MIKE YACONELLI MEMORIAL SERVICE
November 15, 2003

Jill Yaconelli

jillIt is impossible for me to share with you today how amazing my father was. For a man that could mold words into love and grace, I am left wordless in describing a father full of both. Maybe in a tear I will feel the comfort of his love, but to share it, is only to cry. Maybe in a smile from my nephew I will see a shot of his joy, but to express that is only to laugh. Maybe in a space between conversations I will sense his gaze, but to describe it is to be silent. But to sum up a father like my father, is again, impossible.

What I can do is tell you of an unusual father. A father that would have been disappointed if I ever stopped playing rather than ever saying "grow up, or act your age." A father that would have been disappointed if I didn't take time off from school to play in the world, saying, "don't ever let school get in the way of your education." A father that loved to hear stories of practical jokes you played on your friends, or about a recent creative date, or a wild birthday party, more than any work achievements. I of course am thankful for the obvious things, or the usual things in a dad, for knowing how much he loved me, and how proud he was of me. But I am most thankful for how much he loved to watch me play.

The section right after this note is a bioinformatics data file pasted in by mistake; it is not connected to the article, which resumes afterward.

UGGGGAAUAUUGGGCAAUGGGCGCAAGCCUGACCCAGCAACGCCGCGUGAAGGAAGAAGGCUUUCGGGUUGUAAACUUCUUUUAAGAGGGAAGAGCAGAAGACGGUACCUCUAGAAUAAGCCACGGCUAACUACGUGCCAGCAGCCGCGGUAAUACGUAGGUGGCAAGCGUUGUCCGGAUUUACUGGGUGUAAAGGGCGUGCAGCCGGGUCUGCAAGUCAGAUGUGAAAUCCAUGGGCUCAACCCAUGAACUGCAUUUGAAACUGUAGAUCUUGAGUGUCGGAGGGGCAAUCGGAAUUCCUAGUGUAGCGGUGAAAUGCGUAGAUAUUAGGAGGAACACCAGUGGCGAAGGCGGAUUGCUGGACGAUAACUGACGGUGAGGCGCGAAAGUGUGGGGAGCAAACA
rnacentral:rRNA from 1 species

I recently spent a week with my dad and others in Hawaii. I spent one evening playing in the ocean, jumping in the waves with my arms outstretched in the air, palms open to the orange barely sunlit sky, yelling as I would slice through each wave like no one else could hear me. Unbeknownst to me, my father was on a hill nearby, watching me play in the ocean like I did when I was 7. When I came back to the house, my dad had the biggest grin on his face. "Jill", he said with a tone that would make me melt into daddy's girl even at 29, "it has been so much fun watching you for the past hour." He laughed with an honest present joy, and continued to have the biggest grin on his face. "What were you doing?" He asked me as if there were an answer. "Nothing dad, Just Playing." This time he paused with a smile like he had reached the end of parenting. He had succeeded in teaching me the most important part of life, to live like a child, to love life freely, and to neverů everů.stop playing. I was just having fun, playing in the waves as the sun set, clueless to anyone else. But man was I glad my dad was watching me.

It is impossible to sum up my dad in 2 minutes, but that is part of being an unusual father. Thank you dad for watching me live life to the fullest, teaching me how to play, and being the kind of dad that no words, even your made up words, can describe.